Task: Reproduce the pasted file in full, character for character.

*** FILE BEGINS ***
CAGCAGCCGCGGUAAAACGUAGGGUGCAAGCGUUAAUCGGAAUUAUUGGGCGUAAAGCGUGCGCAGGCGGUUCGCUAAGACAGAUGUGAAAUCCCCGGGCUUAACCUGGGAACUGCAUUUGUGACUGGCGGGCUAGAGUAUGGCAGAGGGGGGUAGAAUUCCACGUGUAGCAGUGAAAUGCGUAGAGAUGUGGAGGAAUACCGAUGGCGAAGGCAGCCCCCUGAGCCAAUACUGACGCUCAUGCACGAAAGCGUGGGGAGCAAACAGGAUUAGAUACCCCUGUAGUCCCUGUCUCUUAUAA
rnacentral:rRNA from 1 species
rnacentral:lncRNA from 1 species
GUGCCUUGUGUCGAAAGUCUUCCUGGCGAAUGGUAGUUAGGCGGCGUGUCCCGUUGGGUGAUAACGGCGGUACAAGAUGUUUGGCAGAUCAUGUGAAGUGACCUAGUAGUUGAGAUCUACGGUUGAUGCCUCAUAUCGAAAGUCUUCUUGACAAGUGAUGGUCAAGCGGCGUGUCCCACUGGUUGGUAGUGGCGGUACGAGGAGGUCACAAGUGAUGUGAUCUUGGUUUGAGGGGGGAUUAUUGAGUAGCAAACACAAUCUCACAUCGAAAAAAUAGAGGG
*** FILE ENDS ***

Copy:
CAGCAGCCGCGGUAAAACGUAGGGUGCAAGCGUUAAUCGGAAUUAUUGGGCGUAAAGCGUGCGCAGGCGGUUCGCUAAGACAGAUGUGAAAUCCCCGGGCUUAACCUGGGAACUGCAUUUGUGACUGGCGGGCUAGAGUAUGGCAGAGGGGGGUAGAAUUCCACGUGUAGCAGUGAAAUGCGUAGAGAUGUGGAGGAAUACCGAUGGCGAAGGCAGCCCCCUGAGCCAAUACUGACGCUCAUGCACGAAAGCGUGGGGAGCAAACAGGAUUAGAUACCCCUGUAGUCCCUGUCUCUUAUAA
rnacentral:rRNA from 1 species
rnacentral:lncRNA from 1 species
GUGCCUUGUGUCGAAAGUCUUCCUGGCGAAUGGUAGUUAGGCGGCGUGUCCCGUUGGGUGAUAACGGCGGUACAAGAUGUUUGGCAGAUCAUGUGAAGUGACCUAGUAGUUGAGAUCUACGGUUGAUGCCUCAUAUCGAAAGUCUUCUUGACAAGUGAUGGUCAAGCGGCGUGUCCCACUGGUUGGUAGUGGCGGUACGAGGAGGUCACAAGUGAUGUGAUCUUGGUUUGAGGGGGGAUUAUUGAGUAGCAAACACAAUCUCACAUCGAAAAAAUAGAGGG